U. of Illinois Law suspends Dean of Admissions

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Cornelius
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Re: U. of Illinois Law suspends Dean of Admissions

Postby Cornelius » Tue Nov 08, 2011 1:30 pm

Samara wrote:Over the past three cycles, he modified GPAs, but no LSAT scores. It was only this past cycle (where he was caught) that he fudged both LSAT and GPA numbers and the first cycle he did for a huge portion of the students.

The chart on page 3 indicates otherwise. Also this:
With respect to LSAT data, in a spreadsheet Pless used to track applicants and to compute the Class of 2012’s median LSAT score, one student’s LSAT score was changed to 166, despite the fact that, as indicated by that student’s application materials maintained within LSAC’s CAS database, the student had an LSAT score of 165. Based on LSAC data, 117 students in the class had an LSAT score below 166; while 115 students had an LSAT score of 166 or above. Increasing this one, below-166 LSAT score to 166 thus had the effect of equalizing the number of scores below 166 and those scores at or above 166 (116 for both) andcreating a data foundation (albeit an erroneous one) for the claim that the Class of 2012’s median LSAT score was 166.

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Samara
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Re: U. of Illinois Law suspends Dean of Admissions

Postby Samara » Tue Nov 08, 2011 1:33 pm

Cornelius wrote:
Samara wrote:Over the past three cycles, he modified GPAs, but no LSAT scores. It was only this past cycle (where he was caught) that he fudged both LSAT and GPA numbers and the first cycle he did for a huge portion of the students.

The chart on page 3 indicates otherwise. Also this:
With respect to LSAT data, in a spreadsheet Pless used to track applicants and to compute the Class of 2012’s median LSAT score, one student’s LSAT score was changed to 166, despite the fact that, as indicated by that student’s application materials maintained within LSAC’s CAS database, the student had an LSAT score of 165. Based on LSAC data, 117 students in the class had an LSAT score below 166; while 115 students had an LSAT score of 166 or above. Increasing this one, below-166 LSAT score to 166 thus had the effect of equalizing the number of scores below 166 and those scores at or above 166 (116 for both) andcreating a data foundation (albeit an erroneous one) for the claim that the Class of 2012’s median LSAT score was 166.

ETA: I see what you mean. I think there is a part somewhere else in the report that said that one number changed didn't end up impacting much. I don't really remember. My point is that it wasn't large-scale until the past cycle.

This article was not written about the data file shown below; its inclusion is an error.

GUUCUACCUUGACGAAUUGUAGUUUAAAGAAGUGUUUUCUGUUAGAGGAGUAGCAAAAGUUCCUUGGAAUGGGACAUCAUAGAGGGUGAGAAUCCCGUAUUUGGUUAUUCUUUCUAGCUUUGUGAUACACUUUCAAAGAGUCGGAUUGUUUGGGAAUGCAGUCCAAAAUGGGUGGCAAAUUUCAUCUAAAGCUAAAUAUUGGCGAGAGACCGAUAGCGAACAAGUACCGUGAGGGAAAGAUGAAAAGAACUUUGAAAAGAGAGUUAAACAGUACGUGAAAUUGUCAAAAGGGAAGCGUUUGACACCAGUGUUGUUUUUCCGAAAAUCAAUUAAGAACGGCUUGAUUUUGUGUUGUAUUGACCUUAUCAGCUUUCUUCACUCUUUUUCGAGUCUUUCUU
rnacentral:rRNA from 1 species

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Cornelius
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Re: U. of Illinois Law suspends Dean of Admissions

Postby Cornelius » Tue Nov 08, 2011 1:35 pm

Samara wrote:
Cornelius wrote:
Samara wrote:Over the past three cycles, he modified GPAs, but no LSAT scores. It was only this past cycle (where he was caught) that he fudged both LSAT and GPA numbers and the first cycle he did for a huge portion of the students.

The chart on page 3 indicates otherwise. Also this:
With respect to LSAT data, in a spreadsheet Pless used to track applicants and to compute the Class of 2012’s median LSAT score, one student’s LSAT score was changed to 166, despite the fact that, as indicated by that student’s application materials maintained within LSAC’s CAS database, the student had an LSAT score of 165. Based on LSAC data, 117 students in the class had an LSAT score below 166; while 115 students had an LSAT score of 166 or above. Increasing this one, below-166 LSAT score to 166 thus had the effect of equalizing the number of scores below 166 and those scores at or above 166 (116 for both) andcreating a data foundation (albeit an erroneous one) for the claim that the Class of 2012’s median LSAT score was 166.

Did you read my next sentence? The bolded part was worded poorly, I admit, but he only modified LSAT scores over the past cycle and GPAs over the past three.

I must still be misunderstanding you, because the document is pretty clear that there were 3 cycles where students had their LSAT modified - classes of 2011, 2012, and 2014. Granted, it was only 1 or 2 students in 2011 and 2012, but modified nonetheless.
Last edited by Cornelius on Tue Nov 08, 2011 1:36 pm, edited 1 time in total.

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minnbills
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Re: U. of Illinois Law suspends Dean of Admissions

Postby minnbills » Tue Nov 08, 2011 1:36 pm

From what I remember there was heavy tampering for at least 3 cycles.

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Samara
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Re: U. of Illinois Law suspends Dean of Admissions

Postby Samara » Tue Nov 08, 2011 1:37 pm

Cornelius wrote:I must still be misunderstanding you, because the document is pretty clear that there were 3 cycles where students had their LSAT modified - classes of 2011, 2012, and 2014. Granted, it was only 1 or 2 students in 2011 and 2012, but modified nonetheless.